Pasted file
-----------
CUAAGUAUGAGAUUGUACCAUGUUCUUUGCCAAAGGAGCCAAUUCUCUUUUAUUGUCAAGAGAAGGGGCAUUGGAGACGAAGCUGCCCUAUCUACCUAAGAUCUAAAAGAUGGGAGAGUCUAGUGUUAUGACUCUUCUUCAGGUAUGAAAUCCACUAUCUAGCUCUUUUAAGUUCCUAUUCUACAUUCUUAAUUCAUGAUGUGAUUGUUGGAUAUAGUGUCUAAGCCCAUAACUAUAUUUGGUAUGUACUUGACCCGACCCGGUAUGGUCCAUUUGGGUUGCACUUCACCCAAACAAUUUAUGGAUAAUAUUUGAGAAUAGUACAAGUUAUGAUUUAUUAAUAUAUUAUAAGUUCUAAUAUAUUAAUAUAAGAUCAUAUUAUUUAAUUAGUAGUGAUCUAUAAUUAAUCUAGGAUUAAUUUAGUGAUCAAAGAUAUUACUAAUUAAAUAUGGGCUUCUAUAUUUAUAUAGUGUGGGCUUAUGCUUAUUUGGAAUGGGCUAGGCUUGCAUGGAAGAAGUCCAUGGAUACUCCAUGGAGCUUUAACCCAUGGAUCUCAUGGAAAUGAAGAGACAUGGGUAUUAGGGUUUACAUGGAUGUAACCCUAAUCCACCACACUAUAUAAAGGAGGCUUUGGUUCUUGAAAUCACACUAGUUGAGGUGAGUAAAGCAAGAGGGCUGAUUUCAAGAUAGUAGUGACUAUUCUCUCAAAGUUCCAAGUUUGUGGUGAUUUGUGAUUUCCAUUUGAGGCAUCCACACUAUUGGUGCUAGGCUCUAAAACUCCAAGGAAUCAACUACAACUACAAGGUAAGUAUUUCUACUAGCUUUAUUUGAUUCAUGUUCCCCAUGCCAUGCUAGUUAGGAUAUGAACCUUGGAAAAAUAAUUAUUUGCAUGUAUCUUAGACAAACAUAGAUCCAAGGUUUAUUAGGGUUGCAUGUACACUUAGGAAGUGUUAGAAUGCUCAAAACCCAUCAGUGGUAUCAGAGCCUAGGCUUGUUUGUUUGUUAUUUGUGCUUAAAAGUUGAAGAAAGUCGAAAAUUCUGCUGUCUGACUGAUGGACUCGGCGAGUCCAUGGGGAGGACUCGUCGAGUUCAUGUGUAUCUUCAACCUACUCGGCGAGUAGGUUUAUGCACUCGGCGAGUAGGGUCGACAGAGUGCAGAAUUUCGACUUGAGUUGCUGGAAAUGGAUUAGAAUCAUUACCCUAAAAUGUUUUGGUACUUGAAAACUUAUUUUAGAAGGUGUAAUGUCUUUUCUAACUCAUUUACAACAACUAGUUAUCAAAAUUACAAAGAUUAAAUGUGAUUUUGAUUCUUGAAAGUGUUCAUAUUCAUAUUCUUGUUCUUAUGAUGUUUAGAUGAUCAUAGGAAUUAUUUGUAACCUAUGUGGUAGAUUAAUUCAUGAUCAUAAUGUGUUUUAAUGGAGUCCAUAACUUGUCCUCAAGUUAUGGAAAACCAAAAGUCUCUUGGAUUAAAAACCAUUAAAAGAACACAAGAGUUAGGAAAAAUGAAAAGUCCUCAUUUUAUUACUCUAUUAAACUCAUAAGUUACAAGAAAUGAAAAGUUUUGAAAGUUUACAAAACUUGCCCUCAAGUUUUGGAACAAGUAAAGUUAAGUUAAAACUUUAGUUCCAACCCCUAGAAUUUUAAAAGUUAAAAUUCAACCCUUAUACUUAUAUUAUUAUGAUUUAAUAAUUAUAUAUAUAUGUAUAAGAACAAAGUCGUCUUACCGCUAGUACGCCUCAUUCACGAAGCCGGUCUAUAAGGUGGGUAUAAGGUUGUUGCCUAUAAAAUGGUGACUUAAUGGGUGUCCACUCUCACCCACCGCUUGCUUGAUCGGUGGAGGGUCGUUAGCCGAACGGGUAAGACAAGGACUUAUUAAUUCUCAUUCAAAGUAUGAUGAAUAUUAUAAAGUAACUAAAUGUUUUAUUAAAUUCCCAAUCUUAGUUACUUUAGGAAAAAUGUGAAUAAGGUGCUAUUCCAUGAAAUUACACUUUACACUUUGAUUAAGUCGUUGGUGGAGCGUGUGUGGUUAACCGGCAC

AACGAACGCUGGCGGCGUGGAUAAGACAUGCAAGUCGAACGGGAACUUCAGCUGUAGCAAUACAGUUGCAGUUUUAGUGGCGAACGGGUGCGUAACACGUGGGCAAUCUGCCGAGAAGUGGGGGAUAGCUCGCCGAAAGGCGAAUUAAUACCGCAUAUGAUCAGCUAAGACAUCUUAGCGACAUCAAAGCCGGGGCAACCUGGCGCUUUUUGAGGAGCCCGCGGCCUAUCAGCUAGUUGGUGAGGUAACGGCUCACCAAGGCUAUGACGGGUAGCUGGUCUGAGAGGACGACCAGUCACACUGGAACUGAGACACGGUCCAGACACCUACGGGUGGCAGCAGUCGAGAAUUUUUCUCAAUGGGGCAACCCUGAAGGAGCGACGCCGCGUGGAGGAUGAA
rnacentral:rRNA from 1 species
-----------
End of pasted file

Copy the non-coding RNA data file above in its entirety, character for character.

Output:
CUAAGUAUGAGAUUGUACCAUGUUCUUUGCCAAAGGAGCCAAUUCUCUUUUAUUGUCAAGAGAAGGGGCAUUGGAGACGAAGCUGCCCUAUCUACCUAAGAUCUAAAAGAUGGGAGAGUCUAGUGUUAUGACUCUUCUUCAGGUAUGAAAUCCACUAUCUAGCUCUUUUAAGUUCCUAUUCUACAUUCUUAAUUCAUGAUGUGAUUGUUGGAUAUAGUGUCUAAGCCCAUAACUAUAUUUGGUAUGUACUUGACCCGACCCGGUAUGGUCCAUUUGGGUUGCACUUCACCCAAACAAUUUAUGGAUAAUAUUUGAGAAUAGUACAAGUUAUGAUUUAUUAAUAUAUUAUAAGUUCUAAUAUAUUAAUAUAAGAUCAUAUUAUUUAAUUAGUAGUGAUCUAUAAUUAAUCUAGGAUUAAUUUAGUGAUCAAAGAUAUUACUAAUUAAAUAUGGGCUUCUAUAUUUAUAUAGUGUGGGCUUAUGCUUAUUUGGAAUGGGCUAGGCUUGCAUGGAAGAAGUCCAUGGAUACUCCAUGGAGCUUUAACCCAUGGAUCUCAUGGAAAUGAAGAGACAUGGGUAUUAGGGUUUACAUGGAUGUAACCCUAAUCCACCACACUAUAUAAAGGAGGCUUUGGUUCUUGAAAUCACACUAGUUGAGGUGAGUAAAGCAAGAGGGCUGAUUUCAAGAUAGUAGUGACUAUUCUCUCAAAGUUCCAAGUUUGUGGUGAUUUGUGAUUUCCAUUUGAGGCAUCCACACUAUUGGUGCUAGGCUCUAAAACUCCAAGGAAUCAACUACAACUACAAGGUAAGUAUUUCUACUAGCUUUAUUUGAUUCAUGUUCCCCAUGCCAUGCUAGUUAGGAUAUGAACCUUGGAAAAAUAAUUAUUUGCAUGUAUCUUAGACAAACAUAGAUCCAAGGUUUAUUAGGGUUGCAUGUACACUUAGGAAGUGUUAGAAUGCUCAAAACCCAUCAGUGGUAUCAGAGCCUAGGCUUGUUUGUUUGUUAUUUGUGCUUAAAAGUUGAAGAAAGUCGAAAAUUCUGCUGUCUGACUGAUGGACUCGGCGAGUCCAUGGGGAGGACUCGUCGAGUUCAUGUGUAUCUUCAACCUACUCGGCGAGUAGGUUUAUGCACUCGGCGAGUAGGGUCGACAGAGUGCAGAAUUUCGACUUGAGUUGCUGGAAAUGGAUUAGAAUCAUUACCCUAAAAUGUUUUGGUACUUGAAAACUUAUUUUAGAAGGUGUAAUGUCUUUUCUAACUCAUUUACAACAACUAGUUAUCAAAAUUACAAAGAUUAAAUGUGAUUUUGAUUCUUGAAAGUGUUCAUAUUCAUAUUCUUGUUCUUAUGAUGUUUAGAUGAUCAUAGGAAUUAUUUGUAACCUAUGUGGUAGAUUAAUUCAUGAUCAUAAUGUGUUUUAAUGGAGUCCAUAACUUGUCCUCAAGUUAUGGAAAACCAAAAGUCUCUUGGAUUAAAAACCAUUAAAAGAACACAAGAGUUAGGAAAAAUGAAAAGUCCUCAUUUUAUUACUCUAUUAAACUCAUAAGUUACAAGAAAUGAAAAGUUUUGAAAGUUUACAAAACUUGCCCUCAAGUUUUGGAACAAGUAAAGUUAAGUUAAAACUUUAGUUCCAACCCCUAGAAUUUUAAAAGUUAAAAUUCAACCCUUAUACUUAUAUUAUUAUGAUUUAAUAAUUAUAUAUAUAUGUAUAAGAACAAAGUCGUCUUACCGCUAGUACGCCUCAUUCACGAAGCCGGUCUAUAAGGUGGGUAUAAGGUUGUUGCCUAUAAAAUGGUGACUUAAUGGGUGUCCACUCUCACCCACCGCUUGCUUGAUCGGUGGAGGGUCGUUAGCCGAACGGGUAAGACAAGGACUUAUUAAUUCUCAUUCAAAGUAUGAUGAAUAUUAUAAAGUAACUAAAUGUUUUAUUAAAUUCCCAAUCUUAGUUACUUUAGGAAAAAUGUGAAUAAGGUGCUAUUCCAUGAAAUUACACUUUACACUUUGAUUAAGUCGUUGGUGGAGCGUGUGUGGUUAACCGGCAC

AACGAACGCUGGCGGCGUGGAUAAGACAUGCAAGUCGAACGGGAACUUCAGCUGUAGCAAUACAGUUGCAGUUUUAGUGGCGAACGGGUGCGUAACACGUGGGCAAUCUGCCGAGAAGUGGGGGAUAGCUCGCCGAAAGGCGAAUUAAUACCGCAUAUGAUCAGCUAAGACAUCUUAGCGACAUCAAAGCCGGGGCAACCUGGCGCUUUUUGAGGAGCCCGCGGCCUAUCAGCUAGUUGGUGAGGUAACGGCUCACCAAGGCUAUGACGGGUAGCUGGUCUGAGAGGACGACCAGUCACACUGGAACUGAGACACGGUCCAGACACCUACGGGUGGCAGCAGUCGAGAAUUUUUCUCAAUGGGGCAACCCUGAAGGAGCGACGCCGCGUGGAGGAUGAA
rnacentral:rRNA from 1 species